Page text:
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Molecular, Cellular and Systems-Level Mechanisms driving Ventilation and CO2 Sensitivity during Acute and Chronic Hypercapnia

Featured Topic — Monday, April 23, 2018 — 3:30 PM - 5:00 PM — Convention Center, Room 25A
Respiration Section — Chair: Matthew Robert Hodges — Co-Chair: Virginia E Hawkins

The neural network that regulates breathing receives chemoreceptor input from peripheral and central chemoreceptors to provide feedback control relative to blood gases to maintain homeostasis. The acute CO2/pH chemoreflex is the first line of defense against hypercapnic acidosis, and while key contributors in our scientific community have made significant contributions to explain which cells within the brain can "sense" changes in CO2 and/or pH, our understanding of the specific mechanisms of the acute CO2 chemoreflex remain incomplete. Furthermore, very little is known about what mechanisms govern ventilatory responses to CO2/pH in the case of pulmonary insufficiency leading to chronic hypercapnic acidosis. Recent advances in neuroscience have allowed prominent researchers at the University of Virginia (Dr. Doug Bayliss, Invited speaker for the session) to recently show the critical importance of two pH sensitive molecules expressed in RTN chemoreceptor neurons (GPR4 and TASK-2), while others have made significant findings regarding a role for local brainstem glia in pH sensing and neuronal modulation (Virginia Hawkins, Post-doc Mulkey lab, session co-chair). This session will draw additional speakers from abstracts submitted, and will be selected by the session chairs.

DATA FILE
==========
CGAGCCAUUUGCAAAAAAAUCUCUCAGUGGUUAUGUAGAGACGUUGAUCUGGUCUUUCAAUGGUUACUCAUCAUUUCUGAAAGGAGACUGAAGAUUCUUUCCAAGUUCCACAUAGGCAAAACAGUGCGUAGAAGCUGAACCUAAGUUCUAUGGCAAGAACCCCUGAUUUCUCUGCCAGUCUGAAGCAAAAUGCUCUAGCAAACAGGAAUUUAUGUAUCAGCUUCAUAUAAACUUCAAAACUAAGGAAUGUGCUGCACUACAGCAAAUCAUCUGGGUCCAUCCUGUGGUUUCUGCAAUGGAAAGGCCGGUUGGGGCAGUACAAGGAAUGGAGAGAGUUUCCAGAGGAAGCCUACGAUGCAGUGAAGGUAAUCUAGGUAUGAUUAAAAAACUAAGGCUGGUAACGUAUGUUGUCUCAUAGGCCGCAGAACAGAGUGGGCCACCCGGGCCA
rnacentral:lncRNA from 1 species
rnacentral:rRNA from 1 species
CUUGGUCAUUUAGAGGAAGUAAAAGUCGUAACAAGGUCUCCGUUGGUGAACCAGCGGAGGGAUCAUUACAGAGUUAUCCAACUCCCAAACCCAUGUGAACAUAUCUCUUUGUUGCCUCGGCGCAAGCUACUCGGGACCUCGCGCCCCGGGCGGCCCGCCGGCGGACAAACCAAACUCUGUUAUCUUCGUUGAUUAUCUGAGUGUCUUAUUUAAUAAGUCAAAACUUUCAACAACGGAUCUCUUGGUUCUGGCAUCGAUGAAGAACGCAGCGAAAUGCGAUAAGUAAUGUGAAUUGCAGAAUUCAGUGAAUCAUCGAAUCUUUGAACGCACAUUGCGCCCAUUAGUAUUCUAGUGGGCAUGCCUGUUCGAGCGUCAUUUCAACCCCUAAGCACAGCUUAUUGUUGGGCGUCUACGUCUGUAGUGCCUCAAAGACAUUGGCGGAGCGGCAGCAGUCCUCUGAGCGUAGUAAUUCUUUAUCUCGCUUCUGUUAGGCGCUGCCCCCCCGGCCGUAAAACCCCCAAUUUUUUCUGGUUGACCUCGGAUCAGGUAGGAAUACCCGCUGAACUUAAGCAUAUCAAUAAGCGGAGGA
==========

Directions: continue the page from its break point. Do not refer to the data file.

• Molecular physiology of RTN respiratory chemoreceptor neurons.
    Douglas A Bayliss — Pharmacology, University of Virginia

  • Ablation of neuromedin B (NMB)-expressing neurons located within retrotrapezoid nucleus (RTN) reduces the central respiratory chemoreflex (CRC) selectively in conscious rats
    George Souza — University of Virginia

  • Ventilatory CO2/H+ Chemoreflex During Chronic Hypercapnia in Healthy Goats
    Nicholas Burgraff — Medical College of Wisconsin

  • Acute and Chronic Respiratory Effects from Repeated Audiogenic Seizures in SSKcnj16-/- Rats
    Anna D. Manis — Medical College of Wisconsin

  • Hypercapnic ventilatory response (HcVR) is increased in a rat model of Alzheimer's disease
    Mariane C Vicente — Sao Paulo State University

    Matthew Hodges —

    Virginia Hawkins —


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